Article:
Roy Morejon 22:35
yeah. So Louis Foreman started that back in 2001. And then we merged with Enventys, to form Enventys Partners. I know very creative, back in 2016. So my firm before that was called Command Partners. So we took half of my name and all of their name, and combined them together. But yeah, I mean, so our agencies, you know, came together basically to be the world’s first turnkey product launch firm. Awesome. And
Joe Valley 22:59
I visited your facility, you got some pretty impressive products laying around. Can you throw one name out there, we’re gonna spend 10 seconds on it, what’s the most famous client that anybody listening might know of or seen a movie with the product is featured or anything like that,
Roy Morejon 23:16
oh, Featured Products. We just had a picks backpack in one of the Netflix series The other day, but like, my personal favorite product that I’ve ever worked on was with Josh Malone, and bunch of balloons. I mean, I think I think last year, they shipped over 2 billion units. So I mean, it’s incredible the growth of that product. And it was just, you know, amazing that we got to be able to work with Josh, before that product became such a mainstream hit, you know, we got him on the Today Show before any other Kickstarter campaign ever got on the show. So it’s just amazing to really bring crowdfunding to the light into the masses, at least the early adopter community through the National PR that we were able to get for that campaign. And you know, it’s been it’s been a lot of fun. We see a lot of different product ideas, a lot of different innovations. And, you know, we’re very fortunate to have such a full funnel of new innovations coming in every day.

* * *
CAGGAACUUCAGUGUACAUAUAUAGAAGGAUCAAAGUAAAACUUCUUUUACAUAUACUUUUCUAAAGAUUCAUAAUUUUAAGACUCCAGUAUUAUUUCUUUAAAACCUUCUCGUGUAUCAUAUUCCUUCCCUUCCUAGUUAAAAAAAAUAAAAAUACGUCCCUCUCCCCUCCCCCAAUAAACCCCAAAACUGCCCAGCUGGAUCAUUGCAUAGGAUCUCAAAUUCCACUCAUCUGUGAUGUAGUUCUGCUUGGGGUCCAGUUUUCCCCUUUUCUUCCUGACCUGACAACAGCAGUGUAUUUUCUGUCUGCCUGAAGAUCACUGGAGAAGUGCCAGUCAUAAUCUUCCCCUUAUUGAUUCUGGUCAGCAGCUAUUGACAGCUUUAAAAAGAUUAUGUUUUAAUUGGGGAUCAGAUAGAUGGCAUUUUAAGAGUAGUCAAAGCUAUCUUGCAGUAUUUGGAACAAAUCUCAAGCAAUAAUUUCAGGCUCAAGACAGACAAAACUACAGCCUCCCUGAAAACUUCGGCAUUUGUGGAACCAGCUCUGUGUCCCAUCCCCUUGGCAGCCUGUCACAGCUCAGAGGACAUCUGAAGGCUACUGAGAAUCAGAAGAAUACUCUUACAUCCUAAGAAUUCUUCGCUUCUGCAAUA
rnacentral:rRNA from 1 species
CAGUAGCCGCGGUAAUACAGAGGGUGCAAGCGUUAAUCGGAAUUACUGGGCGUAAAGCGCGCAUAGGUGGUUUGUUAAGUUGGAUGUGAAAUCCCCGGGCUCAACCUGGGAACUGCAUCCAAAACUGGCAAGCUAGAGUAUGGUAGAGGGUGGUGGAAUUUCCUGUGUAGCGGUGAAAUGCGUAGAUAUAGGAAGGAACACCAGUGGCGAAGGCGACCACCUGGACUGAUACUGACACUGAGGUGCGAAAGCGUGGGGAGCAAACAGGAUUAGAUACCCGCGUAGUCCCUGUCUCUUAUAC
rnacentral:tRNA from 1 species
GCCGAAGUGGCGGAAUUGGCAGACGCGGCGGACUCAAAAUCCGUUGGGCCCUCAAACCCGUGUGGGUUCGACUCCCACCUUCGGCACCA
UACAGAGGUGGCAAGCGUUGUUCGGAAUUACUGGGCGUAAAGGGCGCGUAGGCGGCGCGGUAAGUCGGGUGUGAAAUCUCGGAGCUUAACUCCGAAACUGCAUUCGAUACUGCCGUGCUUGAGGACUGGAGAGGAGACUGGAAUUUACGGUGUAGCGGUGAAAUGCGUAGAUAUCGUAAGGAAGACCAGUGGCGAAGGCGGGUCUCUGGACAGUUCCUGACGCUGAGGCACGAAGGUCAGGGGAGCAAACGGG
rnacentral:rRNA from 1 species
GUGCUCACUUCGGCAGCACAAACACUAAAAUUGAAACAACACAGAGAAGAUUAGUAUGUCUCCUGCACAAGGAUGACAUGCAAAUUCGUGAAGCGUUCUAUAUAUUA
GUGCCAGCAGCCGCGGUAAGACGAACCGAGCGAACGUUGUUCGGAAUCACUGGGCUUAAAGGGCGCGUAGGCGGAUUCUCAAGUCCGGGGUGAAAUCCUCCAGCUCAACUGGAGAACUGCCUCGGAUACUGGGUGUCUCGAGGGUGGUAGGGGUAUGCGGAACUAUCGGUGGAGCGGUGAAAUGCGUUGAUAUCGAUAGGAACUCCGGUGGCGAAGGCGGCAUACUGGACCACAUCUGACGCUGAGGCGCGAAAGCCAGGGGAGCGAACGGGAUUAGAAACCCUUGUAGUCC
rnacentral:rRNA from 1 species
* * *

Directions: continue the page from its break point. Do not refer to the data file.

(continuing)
Joe Valley 24:04
And what is Edison nation part of your group down there?
Roy Morejon 24:09
So Edison nation was part of Enventys. And again, I don’t have any affiliation with Edison nation on that was on Louis’s side, and we did end up helping them do a regulation, a plus campaign and equity crowdfunding campaign, I raised over $5 million, I believe, for that project before it actually went public. But they deal with more on the inventor side of taking products to market, more licensing side of things. So they’re more of like, kind of like a sister company, if you will. But I don’t have any, you know, day to day or affiliation on that side. And at the beginning of this, I don’t know